“Grandma Joan”


She was an English war bride, named Joan. Losing her first love shortly after throwing her bouquet, she left her homeland and all that she knew to live in America with her second husband while still grieving her first. It wasn’t long after the war, and she had dreams of the new world awaiting her.

Joan was a kind and gentle soul who had a soft lilting voice, the tone of which reminded me of a string of tinkling brass bells moved by mellow winds during the warmth of a late spring day. While I worked outside the home, Joan sat for my eldest son who was just a baby at the time. It didn’t take long before our family more or less adopted her, calling her, “Grandma Joan.” She touched my baby as though he was her own, rocked him gently and bundled him close. Joan took him for rides in a stroller where he dangled a pudgy fist, hoping her black poodle, Pepper, would tickle it with his pink tongue. She taught him to feed fuzzy, quacking ducks in the lime green pond of the park and read him fairy tales before tucking him in for naps before toppling A.B.C. blocks.  And, when my second son was born she joyously added him to the fold, kissing him from head to toe.

Before long, “Grandma Joan,” spent almost every holiday with us including Christmas and birthdays. I remember whipping up her favorite German chocolate cake for a milestone birthday one year, while my toddlers surprised her with presents she didn’t need but loved to receive. One Christmas day, she delighted me with the gift of an angel soft afghan colored in cream. Surely it took many hours of love and toil to make such a dream. Today, nearly thirty years later, I still wrap up in the warmth of it while dozing in her scent. Joan taught my children manners and messages that can never be replaced while giving me memories of proper grace.

Occasionally, I sensed a chasm of pain behind Joan’s golden rims of wire. Reflecting pools of blue never to surface. A life of  youth and love sunken by war and loss.  As close as we were, some things were better left unspoken. People come in and out of each other’s lives at just the right time as part of fate or from a plan high above in Heaven. During the time we spent with Joan, her husband was dying in a nursing home from Alzheimer’s disease. And, before meeting Joan, my own little family had just moved from afghanout-of-state. We craved the love and touch of maternal wisdom. Suddenly, out of nowhere hearts and homes collided providing both with an extension of a family. Kindness, trust, and love.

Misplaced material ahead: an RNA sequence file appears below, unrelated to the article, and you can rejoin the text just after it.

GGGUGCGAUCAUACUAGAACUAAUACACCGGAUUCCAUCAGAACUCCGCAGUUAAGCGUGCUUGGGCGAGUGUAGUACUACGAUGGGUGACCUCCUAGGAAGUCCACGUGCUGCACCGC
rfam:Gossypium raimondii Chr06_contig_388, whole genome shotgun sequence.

This morning a chill is in the air. Doodle dog is by my side as I sit by the fire wrapped in an afghan of cream where I am forever thankful for “Grandma Joan.”

 

 

 

Costumed Charm


The other day we enjoyed Trick-or-Treating with two of our grandchildren in my favorite Missouri city, St. Charles. It is the third oldest city in the state. https://en.wikipedia.org/wiki/St._Charles,_Missouri Founded in the mid-1700’s by a French-Canadian fur trader, St. Charles looks much like it did hundreds of years ago. The city has been preserved, making visitors feel like they’re stepping back into time. Quaint shops line the original cobblestone streets with a beautiful backdrop of the great Missouri river behind them. Rich in charm, original gingerbread architecture, and filled with history, St. Charles is the last known stop of the Lewis and Clark expedition way back in 1804. https://en.wikipedia.org/wiki/Lewis_and_Clark_Expedition

Monday was such a perfect day for Halloween with temperatures rising into the mid-70’s. Surprisingly warm, it might have felt even hot to some of the costumed creatures covered in hair from head to toe. A few were sweating with chocolates melting. Still, others didn’t mind, so thrilled they were to soak up the sun. Charming shops shared treats with characters, big and small until our own little Super Heroes stopped to say, “I don’t want any more candy.” The kids were tired. Little legs had walked a long way. Grandpa carried our grandson on his shoulders while I pushed a stroller. Buckets were heavy, make-up dripped on the monster’s face next to me while a hot pink wig suddenly fell upon a bale of hay.

Afterward, dinner was enjoyed at my son and daughter-in-law’s house while a menagerie of children rang the bell. Ghosts and goblins came to the door, witches of black dusted off brooms and cheerleaders shook pom-poms before cheering for more. Our grand-kids donned satin capes, sure to save a mission or two before calling it a night.

Not long before the children’s bedtime, we gathered ’round the television to watch the movie, Room on the Broom adapted from the children’s book by Julia Donaldson, published in the spring of 2014. No tricks here, just one giant TREAT to end a terrific afternoon and evening of delight.

Below are links to a reading of the book as well as the movie. Please enjoy!

https://www.youtube.com/watch?v=cWB0goTWZic

https://www.youtube.com/watch?v=EuIZThG1APA

 

 

More to The Eye Than Black and White…..


She waddled a bit, her growing tummy leading the way. A black and white striped shirt stretched snug across the whole of her belly. Two rambunctious little ones, one with curls flailing to her shoulders, the other a tow-headed toddler of two leading the way to our finished lower level. There, near a fireplace waiting for short winter days, a tea party danced amid pink plastic china with baskets of assorted delights.